The project was initially piloted using grant funding that allowed for M-KOPA to proof the concept, and develop their business model. After about a year and half, M-KOPA had the proposition for what they were going to do at scale, and raised an equity financing round from impact venture capitalists. At this point, the project was converted from a pilot into a commercial business. The organisation is now rolling out its commercial operation in Kenya through the Safaricom network.


How is the service being scaled to reach a larger audience?
Reaching scale depends in large part on service providers building relevant price plans. These must recover payment for relevant products in a way that suits the customers’ ability to pay. A customer’s absolute income is a critical factor in this calculation, though research into financial inclusion also indicates that volatile income is a significant factor. “Flexibility is therefore key and mobile payment platforms offer us a way to provide for this – moving small amounts of e-money around at low cost.” In this respect M-KOPA has focused on building responsive and scalable back-office systems to allow for flexible service provision. They stress that understanding the customer’s ability to pay, and creating a business model that accounts for volatility of income comes first. “We’re not a solar company, we’re an asset financing company, born out of the idea that low income consumers have a hard time saving up enough money to buy a productive asset that will save them money in the long run.” With this thought in mind, M-KOPA set about designing the payment models very carefully, testing various models with users and factoring their ability to pay. Scaling the product then turned on keeping the final payment models as simple as possible for end users. M-KOPA currently offers two ways to pay for the service generated using this research. The organisation is now at a stage where data transferred from their solar devices enables them to categorise different types of customers, better understand how cash flow moves into the business, and – crucially – understand how to better align their products to the financial behaviours and requirements of low income users.

User centric attitudes:

How does the organisation build itself around the end user?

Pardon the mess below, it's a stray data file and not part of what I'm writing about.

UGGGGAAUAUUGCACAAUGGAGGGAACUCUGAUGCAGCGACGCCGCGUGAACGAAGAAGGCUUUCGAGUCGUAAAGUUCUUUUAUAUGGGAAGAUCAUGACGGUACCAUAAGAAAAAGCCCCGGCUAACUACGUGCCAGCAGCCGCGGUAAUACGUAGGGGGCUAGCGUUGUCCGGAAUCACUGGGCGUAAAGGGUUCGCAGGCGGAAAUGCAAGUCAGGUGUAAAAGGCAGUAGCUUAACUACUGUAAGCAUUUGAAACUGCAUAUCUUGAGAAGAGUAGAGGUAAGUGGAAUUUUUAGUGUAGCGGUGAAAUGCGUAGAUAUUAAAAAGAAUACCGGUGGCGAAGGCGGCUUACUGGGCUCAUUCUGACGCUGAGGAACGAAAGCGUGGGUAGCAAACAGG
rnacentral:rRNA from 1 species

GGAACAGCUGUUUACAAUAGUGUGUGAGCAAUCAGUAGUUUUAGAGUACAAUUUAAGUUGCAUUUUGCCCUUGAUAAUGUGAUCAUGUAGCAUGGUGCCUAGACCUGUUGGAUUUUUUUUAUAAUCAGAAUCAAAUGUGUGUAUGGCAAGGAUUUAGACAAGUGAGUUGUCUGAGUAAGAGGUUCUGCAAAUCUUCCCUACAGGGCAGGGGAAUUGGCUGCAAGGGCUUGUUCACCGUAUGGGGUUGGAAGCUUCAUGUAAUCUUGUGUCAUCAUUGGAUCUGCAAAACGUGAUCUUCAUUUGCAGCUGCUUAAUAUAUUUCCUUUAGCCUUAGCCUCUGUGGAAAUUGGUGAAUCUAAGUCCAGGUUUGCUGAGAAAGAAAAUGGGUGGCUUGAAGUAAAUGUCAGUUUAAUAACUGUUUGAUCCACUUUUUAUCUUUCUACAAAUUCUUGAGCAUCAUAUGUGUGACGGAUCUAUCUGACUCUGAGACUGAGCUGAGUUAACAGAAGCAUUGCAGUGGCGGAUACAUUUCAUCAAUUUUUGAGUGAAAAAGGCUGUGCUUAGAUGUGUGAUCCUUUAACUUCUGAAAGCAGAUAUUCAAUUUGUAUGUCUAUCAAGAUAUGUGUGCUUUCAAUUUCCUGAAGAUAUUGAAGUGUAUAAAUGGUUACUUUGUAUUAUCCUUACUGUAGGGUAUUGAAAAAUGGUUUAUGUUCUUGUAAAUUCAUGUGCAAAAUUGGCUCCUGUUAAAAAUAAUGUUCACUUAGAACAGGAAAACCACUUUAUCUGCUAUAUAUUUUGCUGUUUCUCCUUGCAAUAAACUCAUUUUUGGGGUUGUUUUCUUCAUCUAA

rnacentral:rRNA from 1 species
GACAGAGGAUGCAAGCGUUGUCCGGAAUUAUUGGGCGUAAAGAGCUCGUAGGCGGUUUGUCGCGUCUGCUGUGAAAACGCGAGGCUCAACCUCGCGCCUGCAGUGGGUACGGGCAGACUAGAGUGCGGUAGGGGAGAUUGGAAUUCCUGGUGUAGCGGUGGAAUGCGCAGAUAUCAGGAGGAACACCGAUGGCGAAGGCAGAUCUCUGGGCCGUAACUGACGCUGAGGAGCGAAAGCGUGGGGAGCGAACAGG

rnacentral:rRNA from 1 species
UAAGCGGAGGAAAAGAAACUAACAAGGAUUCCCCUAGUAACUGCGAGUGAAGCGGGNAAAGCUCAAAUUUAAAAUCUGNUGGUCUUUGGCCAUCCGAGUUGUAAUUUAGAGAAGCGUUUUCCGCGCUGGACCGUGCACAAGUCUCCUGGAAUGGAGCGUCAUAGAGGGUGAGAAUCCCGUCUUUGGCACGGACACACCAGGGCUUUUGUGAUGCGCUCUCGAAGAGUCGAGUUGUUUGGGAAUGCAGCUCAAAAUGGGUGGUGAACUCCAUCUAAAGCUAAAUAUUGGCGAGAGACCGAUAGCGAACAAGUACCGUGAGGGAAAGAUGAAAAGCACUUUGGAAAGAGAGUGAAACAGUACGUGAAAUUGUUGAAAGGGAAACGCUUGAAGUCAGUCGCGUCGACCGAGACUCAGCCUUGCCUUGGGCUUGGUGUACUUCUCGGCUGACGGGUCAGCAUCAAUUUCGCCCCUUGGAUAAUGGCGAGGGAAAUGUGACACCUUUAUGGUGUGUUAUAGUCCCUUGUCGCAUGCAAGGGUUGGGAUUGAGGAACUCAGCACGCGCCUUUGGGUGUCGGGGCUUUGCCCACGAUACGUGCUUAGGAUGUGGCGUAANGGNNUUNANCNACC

M-KOPA has been oriented around customer needs from the beginning. “The premise of the way we work has always been – you just get out there and you do it. We put something into the hand of a customer, see what they do with it and then pivot and innovate accordingly. Where you end up might be quite different from where you started”. From an early point of development, this strategy has ensured that customer requirements dictate key decisions about the business model. For example, when M-KOPA first tested solar products in Kenya they knew it was possible to collect micro-payments, but they questioned whether people wanted to own the solar product or just pay for the electricity. M-KOPA used initial tests to get user feedback on this question, “the answer, overwhelmingly, was that customers wanted to own the product, so we designed the rest of the business model for that demand”. Further examples of user centric design are reflected in the device itself. M-KOPA started with a one light system that could charge phones, but found through user research that customers wanted bigger systems with more lights. “We’ve designed our commercial product purely through feedback we’ve got through trialling”. Although at a relatively early stage, M-KOPA’s Customer Care team already consists of over 60 members (around one third of the organisation as a whole), and is key to ensuring the organisation stays oriented around their users. In addition, M-KOPA track devices for usage, performance, and monitoring payments. The active monitoring of units allows for real time information about on-going operations. Here an embedded computer sends information to a central server about the user’s consumption, photovoltaic energy production, battery voltage and any operational problems that could result in the unit failing. This data is stored in a central database, can be retrieved later, and also used to better understand the requirements of the end user. Interestingly, M-KOPA also highlight the value of being a small company with plenty of capacity to innovate. “Had we been a micro-finance company that had rules, regulations, and inertia built around a certain type of product, it would have been a lot harder to end up where we are now. We’ve been able to do it a different way because we didn’t have any rules”. Though solar hardware is a critical element of the service, M-KOPA consider themselves a software company that puts hardware into people’s homes. In particular, the M2M technology ensures that devices are connected, so as soon as the hardware is out in the field, data is being fed back to M-KOPA that can help them design better products, troubleshoot issues, and change the business model.